Tokyo governor resigns in money scandal
Tokyo governor Naoki Inose (2nd R) arrives at the Metropolitan Government Building in Tokyo on December 19, 2013
Naoki Inose, who was elected head of one of the world's biggest conurbations a year ago, had faced weeks of intense pressure over suspicions that the money amounted to a bribe in an attempt to influence policy.
"I have decided to resign from the post of Tokyo governor," Inose told a hurriedly arranged press conference.
"I intended to fulfil my duty of explaining to the city assembly, people of Tokyo and people of the nation, but regrettably I could not clear doubts over me."
Inose was a key figure in Tokyo's successful bid for the 2020 Olympics and he said his resignation was partially aimed at avoiding a negative impact on preparations for the Games.
"At this important juncture when Japan needs to... jump-start towards 2020, we can't afford to paralyse the metropolitan government with my problems," he said. "I decided that my stepping down is the only way to break the impasse."
The resignation came the day after the publication of his latest book, whose title translates as "How to Win Through". The book was ranked sixth on Amazon Japan's bestseller list at 7.30pm (1030 GMT) Thursday.
Inose acknowledged in November he had received 50 million yen ($500,000) from the political family behind the huge Tokushukai medical group before last year's gubernatorial election.
The money, handed to him in cash, was kept in a safety deposit box and Inose said it was a personal loan that had nothing to do with his campaign for the city's top job.
Under Japanese election law, campaign treasurers must report all income such as donations related to electioneering. Those who violate the law can face prison terms of up to three years or fines of up to 500,000 yen.
Inose, who inherited the mantle of Tokyo governor from firebrand nationalist Shintaro Ishihara, has cut an increasingly lonely figure over the past few weeks as the furore around him swelled.
He has been grilled by a hostile assembly on several occasions, with the media picking apart his appearance and stuttering performance, focusing on beads of sweat that dripped down his neck.
At hearings and in press conferences he has waved around a piece of paper he insists amounted to a loan agreement, although observers noted that it bore no date for repayment and showed no terms and conditions.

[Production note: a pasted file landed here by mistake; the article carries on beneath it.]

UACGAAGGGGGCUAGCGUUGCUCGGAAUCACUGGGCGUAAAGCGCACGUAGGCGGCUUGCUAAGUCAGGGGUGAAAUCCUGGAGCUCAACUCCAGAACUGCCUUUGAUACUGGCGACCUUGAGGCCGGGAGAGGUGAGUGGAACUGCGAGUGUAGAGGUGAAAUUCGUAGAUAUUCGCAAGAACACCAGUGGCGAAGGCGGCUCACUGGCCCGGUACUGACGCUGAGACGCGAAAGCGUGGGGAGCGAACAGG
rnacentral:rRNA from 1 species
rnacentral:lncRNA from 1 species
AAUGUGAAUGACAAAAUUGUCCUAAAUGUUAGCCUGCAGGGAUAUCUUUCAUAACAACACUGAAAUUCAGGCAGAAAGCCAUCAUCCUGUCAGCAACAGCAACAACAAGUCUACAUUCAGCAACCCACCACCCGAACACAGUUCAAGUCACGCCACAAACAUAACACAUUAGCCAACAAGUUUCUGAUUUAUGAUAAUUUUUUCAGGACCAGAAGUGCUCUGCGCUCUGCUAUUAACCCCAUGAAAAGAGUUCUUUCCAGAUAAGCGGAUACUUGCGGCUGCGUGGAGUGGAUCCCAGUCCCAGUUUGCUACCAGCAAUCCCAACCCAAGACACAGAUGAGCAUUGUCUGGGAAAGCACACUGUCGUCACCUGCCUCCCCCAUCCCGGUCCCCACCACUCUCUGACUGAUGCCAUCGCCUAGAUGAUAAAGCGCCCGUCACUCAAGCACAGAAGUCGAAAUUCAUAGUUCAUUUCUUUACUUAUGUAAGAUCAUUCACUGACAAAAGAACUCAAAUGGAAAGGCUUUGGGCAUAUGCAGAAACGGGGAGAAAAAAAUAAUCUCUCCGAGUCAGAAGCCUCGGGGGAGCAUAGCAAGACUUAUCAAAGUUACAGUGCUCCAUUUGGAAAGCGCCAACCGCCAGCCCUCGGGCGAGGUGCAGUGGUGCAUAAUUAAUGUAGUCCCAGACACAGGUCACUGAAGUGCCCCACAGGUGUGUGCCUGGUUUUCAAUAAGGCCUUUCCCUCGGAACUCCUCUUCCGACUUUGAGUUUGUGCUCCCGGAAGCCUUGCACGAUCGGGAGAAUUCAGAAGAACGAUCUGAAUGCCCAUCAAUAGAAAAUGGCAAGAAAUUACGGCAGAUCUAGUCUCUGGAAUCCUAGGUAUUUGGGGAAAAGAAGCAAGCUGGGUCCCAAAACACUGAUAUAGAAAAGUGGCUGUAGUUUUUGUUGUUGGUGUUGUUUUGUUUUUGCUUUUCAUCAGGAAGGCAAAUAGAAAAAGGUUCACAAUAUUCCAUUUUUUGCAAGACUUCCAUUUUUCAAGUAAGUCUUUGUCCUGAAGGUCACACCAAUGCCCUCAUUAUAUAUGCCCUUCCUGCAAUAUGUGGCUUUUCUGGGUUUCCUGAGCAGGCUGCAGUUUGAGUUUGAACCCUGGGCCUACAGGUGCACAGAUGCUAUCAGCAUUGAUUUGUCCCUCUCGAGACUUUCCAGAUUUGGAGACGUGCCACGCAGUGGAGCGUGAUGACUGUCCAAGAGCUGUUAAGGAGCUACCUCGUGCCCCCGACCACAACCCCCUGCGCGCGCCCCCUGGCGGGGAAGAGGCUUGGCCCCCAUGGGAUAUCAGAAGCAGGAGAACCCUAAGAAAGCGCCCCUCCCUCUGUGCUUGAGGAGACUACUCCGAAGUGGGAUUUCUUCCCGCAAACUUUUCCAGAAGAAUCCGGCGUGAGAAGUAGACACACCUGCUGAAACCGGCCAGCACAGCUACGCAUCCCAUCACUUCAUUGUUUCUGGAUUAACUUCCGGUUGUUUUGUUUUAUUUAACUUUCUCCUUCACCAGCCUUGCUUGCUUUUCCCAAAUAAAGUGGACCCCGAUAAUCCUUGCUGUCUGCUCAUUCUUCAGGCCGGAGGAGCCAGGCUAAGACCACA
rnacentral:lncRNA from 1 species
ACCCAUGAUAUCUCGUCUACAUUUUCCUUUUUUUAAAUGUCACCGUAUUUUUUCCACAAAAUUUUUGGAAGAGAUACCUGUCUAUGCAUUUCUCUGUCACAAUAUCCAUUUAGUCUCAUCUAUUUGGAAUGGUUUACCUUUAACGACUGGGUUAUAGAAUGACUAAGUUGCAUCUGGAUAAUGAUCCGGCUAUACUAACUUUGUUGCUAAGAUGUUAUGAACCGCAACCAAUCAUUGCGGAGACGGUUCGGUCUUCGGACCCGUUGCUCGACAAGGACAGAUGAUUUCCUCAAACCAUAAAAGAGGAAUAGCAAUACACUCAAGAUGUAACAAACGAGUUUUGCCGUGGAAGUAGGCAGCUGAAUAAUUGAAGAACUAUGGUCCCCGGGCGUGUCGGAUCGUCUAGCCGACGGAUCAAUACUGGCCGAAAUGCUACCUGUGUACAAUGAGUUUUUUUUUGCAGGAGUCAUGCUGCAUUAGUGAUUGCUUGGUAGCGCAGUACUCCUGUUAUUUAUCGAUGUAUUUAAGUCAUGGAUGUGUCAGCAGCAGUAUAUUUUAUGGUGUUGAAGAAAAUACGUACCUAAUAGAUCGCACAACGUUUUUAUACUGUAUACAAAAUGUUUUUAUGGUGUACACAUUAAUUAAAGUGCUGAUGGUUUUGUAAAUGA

On another occasion, he produced a bag in which he claimed to have carried the large bundle of cash. Opponents delighted in trying to prove that the sum would not fit inside the holdall.
"I was an amateur politician"
On Thursday the 67-year-old Inose admitted he had been naive about the cut and thrust of politics.
"I didn't know how strict professional politicians need to be," he said. "I was an amateur politician even though I knew well about policies. I myself thought it was extraordinary that I became Tokyo governor," he added.
Pressure grew when Prime Minister Shinzo Abe, whose Liberal Democratic Party supported Inose's run for the job, was reported to be keen on drawing a line under the scandal.
"The fact that (Inose) received a large sum of money from someone who does business related to his authority (to approve hospital openings) is enough to warrant his resignation," Masahiko Komura, deputy head of the LDP, said Wednesday.
The money trail surfaced in September when prosecutors raided the Tokyo headquarters of Tokushukai over claims it had paid staff to campaign for the election ambitions of Takeshi Tokuda, one of the heirs to the family fortune.
A week later Inose's secretary returned the 50 million yen to the family, but by mid-November the transaction had become public knowledge.
At the time, Inose said he was offered the money by the Tokudas and felt "it would be rude to refuse".
However, public broadcaster NHK reported it was Inose himself who reached out to the Tokuda family, and had asked for 100 million yen before the election.
Tokyo's governor is the most senior politician in the metropolis, -- including the city proper -- which is home to around 9 million people, as well as overseeing more rural districts and islands. He has overall charge of an annual budget of more than $60 billion.
Inose is an award-winning non-fiction writer who turned to politics in the early 2000s, becoming a member of a government panel on administrative reforms under then-premier Junichiro Koizumi.
In 2007 he was appointed as deputy to Tokyo's then-governor Ishihara, who last year anointed him as successor before a December vote.
An election to replace Inose is expected next month. Possible candidates being mentioned in the media include Hideo Higashikokubaru, a comedian-turned-politician who resigned as a lower house member this week, and education minister Hakubun Shimomura.
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